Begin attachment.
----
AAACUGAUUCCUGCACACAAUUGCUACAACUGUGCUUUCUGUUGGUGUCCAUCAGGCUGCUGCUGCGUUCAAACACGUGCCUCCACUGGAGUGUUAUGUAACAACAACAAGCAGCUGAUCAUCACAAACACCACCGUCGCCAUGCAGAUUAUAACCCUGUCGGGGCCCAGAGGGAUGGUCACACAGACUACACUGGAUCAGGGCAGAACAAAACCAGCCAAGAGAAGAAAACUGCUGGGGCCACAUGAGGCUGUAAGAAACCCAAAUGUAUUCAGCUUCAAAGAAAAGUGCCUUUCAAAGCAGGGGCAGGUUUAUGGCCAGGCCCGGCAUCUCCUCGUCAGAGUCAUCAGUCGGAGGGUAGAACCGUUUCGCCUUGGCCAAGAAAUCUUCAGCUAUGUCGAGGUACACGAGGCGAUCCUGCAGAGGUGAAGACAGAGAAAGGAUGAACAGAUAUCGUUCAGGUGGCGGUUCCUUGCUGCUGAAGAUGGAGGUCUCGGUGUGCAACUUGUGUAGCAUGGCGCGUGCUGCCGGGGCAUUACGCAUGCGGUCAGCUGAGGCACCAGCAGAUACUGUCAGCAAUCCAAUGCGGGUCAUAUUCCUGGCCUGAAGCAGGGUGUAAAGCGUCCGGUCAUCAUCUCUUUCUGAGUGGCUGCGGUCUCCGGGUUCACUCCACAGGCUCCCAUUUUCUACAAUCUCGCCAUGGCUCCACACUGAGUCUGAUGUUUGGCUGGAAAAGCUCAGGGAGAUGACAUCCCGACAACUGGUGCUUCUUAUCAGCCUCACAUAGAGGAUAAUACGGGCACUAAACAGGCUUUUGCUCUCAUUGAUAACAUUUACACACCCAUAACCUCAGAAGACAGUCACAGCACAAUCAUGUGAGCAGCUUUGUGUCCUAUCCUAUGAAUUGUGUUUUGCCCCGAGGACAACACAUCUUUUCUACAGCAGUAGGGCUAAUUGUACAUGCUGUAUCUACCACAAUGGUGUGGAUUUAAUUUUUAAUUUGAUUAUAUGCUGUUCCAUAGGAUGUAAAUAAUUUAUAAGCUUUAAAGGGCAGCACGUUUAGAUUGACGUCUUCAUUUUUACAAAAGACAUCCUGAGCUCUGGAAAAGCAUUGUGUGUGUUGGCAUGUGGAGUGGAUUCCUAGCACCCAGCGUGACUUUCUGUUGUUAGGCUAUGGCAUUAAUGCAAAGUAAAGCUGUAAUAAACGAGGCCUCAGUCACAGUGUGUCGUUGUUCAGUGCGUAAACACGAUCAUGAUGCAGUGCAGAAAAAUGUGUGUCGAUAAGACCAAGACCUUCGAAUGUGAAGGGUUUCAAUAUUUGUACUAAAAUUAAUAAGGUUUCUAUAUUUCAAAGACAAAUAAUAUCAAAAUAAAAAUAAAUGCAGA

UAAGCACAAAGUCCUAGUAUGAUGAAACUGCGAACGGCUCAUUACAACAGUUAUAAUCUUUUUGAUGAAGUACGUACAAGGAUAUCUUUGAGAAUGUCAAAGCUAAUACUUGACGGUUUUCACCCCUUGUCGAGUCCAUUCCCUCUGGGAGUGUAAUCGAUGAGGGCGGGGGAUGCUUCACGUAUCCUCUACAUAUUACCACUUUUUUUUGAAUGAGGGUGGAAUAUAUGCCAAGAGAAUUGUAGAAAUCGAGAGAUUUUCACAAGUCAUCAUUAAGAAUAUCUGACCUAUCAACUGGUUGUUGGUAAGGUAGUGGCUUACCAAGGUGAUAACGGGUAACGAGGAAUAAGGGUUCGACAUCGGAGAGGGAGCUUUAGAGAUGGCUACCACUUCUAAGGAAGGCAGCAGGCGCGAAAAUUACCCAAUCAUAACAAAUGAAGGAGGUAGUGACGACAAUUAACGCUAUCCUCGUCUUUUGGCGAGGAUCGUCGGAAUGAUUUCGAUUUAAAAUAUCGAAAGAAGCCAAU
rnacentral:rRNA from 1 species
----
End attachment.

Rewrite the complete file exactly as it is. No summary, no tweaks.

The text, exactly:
AAACUGAUUCCUGCACACAAUUGCUACAACUGUGCUUUCUGUUGGUGUCCAUCAGGCUGCUGCUGCGUUCAAACACGUGCCUCCACUGGAGUGUUAUGUAACAACAACAAGCAGCUGAUCAUCACAAACACCACCGUCGCCAUGCAGAUUAUAACCCUGUCGGGGCCCAGAGGGAUGGUCACACAGACUACACUGGAUCAGGGCAGAACAAAACCAGCCAAGAGAAGAAAACUGCUGGGGCCACAUGAGGCUGUAAGAAACCCAAAUGUAUUCAGCUUCAAAGAAAAGUGCCUUUCAAAGCAGGGGCAGGUUUAUGGCCAGGCCCGGCAUCUCCUCGUCAGAGUCAUCAGUCGGAGGGUAGAACCGUUUCGCCUUGGCCAAGAAAUCUUCAGCUAUGUCGAGGUACACGAGGCGAUCCUGCAGAGGUGAAGACAGAGAAAGGAUGAACAGAUAUCGUUCAGGUGGCGGUUCCUUGCUGCUGAAGAUGGAGGUCUCGGUGUGCAACUUGUGUAGCAUGGCGCGUGCUGCCGGGGCAUUACGCAUGCGGUCAGCUGAGGCACCAGCAGAUACUGUCAGCAAUCCAAUGCGGGUCAUAUUCCUGGCCUGAAGCAGGGUGUAAAGCGUCCGGUCAUCAUCUCUUUCUGAGUGGCUGCGGUCUCCGGGUUCACUCCACAGGCUCCCAUUUUCUACAAUCUCGCCAUGGCUCCACACUGAGUCUGAUGUUUGGCUGGAAAAGCUCAGGGAGAUGACAUCCCGACAACUGGUGCUUCUUAUCAGCCUCACAUAGAGGAUAAUACGGGCACUAAACAGGCUUUUGCUCUCAUUGAUAACAUUUACACACCCAUAACCUCAGAAGACAGUCACAGCACAAUCAUGUGAGCAGCUUUGUGUCCUAUCCUAUGAAUUGUGUUUUGCCCCGAGGACAACACAUCUUUUCUACAGCAGUAGGGCUAAUUGUACAUGCUGUAUCUACCACAAUGGUGUGGAUUUAAUUUUUAAUUUGAUUAUAUGCUGUUCCAUAGGAUGUAAAUAAUUUAUAAGCUUUAAAGGGCAGCACGUUUAGAUUGACGUCUUCAUUUUUACAAAAGACAUCCUGAGCUCUGGAAAAGCAUUGUGUGUGUUGGCAUGUGGAGUGGAUUCCUAGCACCCAGCGUGACUUUCUGUUGUUAGGCUAUGGCAUUAAUGCAAAGUAAAGCUGUAAUAAACGAGGCCUCAGUCACAGUGUGUCGUUGUUCAGUGCGUAAACACGAUCAUGAUGCAGUGCAGAAAAAUGUGUGUCGAUAAGACCAAGACCUUCGAAUGUGAAGGGUUUCAAUAUUUGUACUAAAAUUAAUAAGGUUUCUAUAUUUCAAAGACAAAUAAUAUCAAAAUAAAAAUAAAUGCAGA

UAAGCACAAAGUCCUAGUAUGAUGAAACUGCGAACGGCUCAUUACAACAGUUAUAAUCUUUUUGAUGAAGUACGUACAAGGAUAUCUUUGAGAAUGUCAAAGCUAAUACUUGACGGUUUUCACCCCUUGUCGAGUCCAUUCCCUCUGGGAGUGUAAUCGAUGAGGGCGGGGGAUGCUUCACGUAUCCUCUACAUAUUACCACUUUUUUUUGAAUGAGGGUGGAAUAUAUGCCAAGAGAAUUGUAGAAAUCGAGAGAUUUUCACAAGUCAUCAUUAAGAAUAUCUGACCUAUCAACUGGUUGUUGGUAAGGUAGUGGCUUACCAAGGUGAUAACGGGUAACGAGGAAUAAGGGUUCGACAUCGGAGAGGGAGCUUUAGAGAUGGCUACCACUUCUAAGGAAGGCAGCAGGCGCGAAAAUUACCCAAUCAUAACAAAUGAAGGAGGUAGUGACGACAAUUAACGCUAUCCUCGUCUUUUGGCGAGGAUCGUCGGAAUGAUUUCGAUUUAAAAUAUCGAAAGAAGCCAAU
rnacentral:rRNA from 1 species